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FM Diversion and Dam Increases national debt

Unequal Protection

Unequal Protections
Originally Published HPR
Resubmitted to FMDam.org by author

To the Editor,

What is all this talk of a .02% chance of a 500 year flood, with dikes, dams, tie back levees, diversions, upstream and downstream impacts, North Dakota West alignment, North Dakota East alignment, North Inlet/ Proposal #3 Shorten ND East Diversion, Minnesota alignment, South alignment, final array of alternatives, practical alternatives, executive order 11988, flowage easement, mitigation of impacts, Basin Wide Solutions, Long Term Flood Solutions, concurrent flooding on the tributaries, ring dikes, no apparent adverse impacts to the aquifer, impacts to school districts, local non federal sponsor, LPP plan, FCP plan, Red River gate control plans formulated by the Corps, no crop insurance coverage for flooded crops in the inundated staging area, no compensation for impacts outside of the staging area except for “takings” under federal law, natural flood plain, regulatory flood plain, worse than existing conditions, and more challenges? Because the FM Metro group chose the ND side alignment (Locally Preferred Plan (LPP)) all costs over the Minnesota side alignment (Federally Comparable Plan (FCP)) are FM Metro/North Dakota costs. The total cost is 2 billion plus dollars and very likely to rise higher. This is but a small list of the issues.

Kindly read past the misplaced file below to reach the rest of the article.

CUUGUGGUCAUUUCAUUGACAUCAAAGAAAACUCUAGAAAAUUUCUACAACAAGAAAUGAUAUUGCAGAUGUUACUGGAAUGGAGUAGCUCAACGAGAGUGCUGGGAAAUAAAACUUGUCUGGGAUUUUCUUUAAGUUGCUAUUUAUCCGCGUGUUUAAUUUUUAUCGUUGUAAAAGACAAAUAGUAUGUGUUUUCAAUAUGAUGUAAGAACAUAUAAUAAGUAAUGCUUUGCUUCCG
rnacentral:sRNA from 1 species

All that this really boils down to is the simple story of who is to grow and where. Fargo has found a way, with the help of the Corps. By protecting the “natural flood plain” and moving the water south to flood their neighbors, they will have created an area for growth. Their problem is now to make everyone believe their ”flood control plan” is the only way Fargo can have “flood protection” and hide the fact it is crafted to provide for Fargo’s future growth, in reality an economic development based plan.

The Red River Basin Commission has studied the problem of flooding and said it can be solved by using various flood control measures together. There may be even other ways to solve Fargo’s problem that can be arrived at if we all can come to the table and discuss possible alternate solutions. All of the meetings conducted by the Corps have been just telling us what will happen to us. No one has asked for our participation.

Changes can be implemented at this late date and many of us are still willing to talk about solving real problems and find a solution to basin wide flooding.

We will continue to oppose being bought out for Fargo’s desire to grow into the flood plain and flood us out.

Trana Rogne
Kindred, ND

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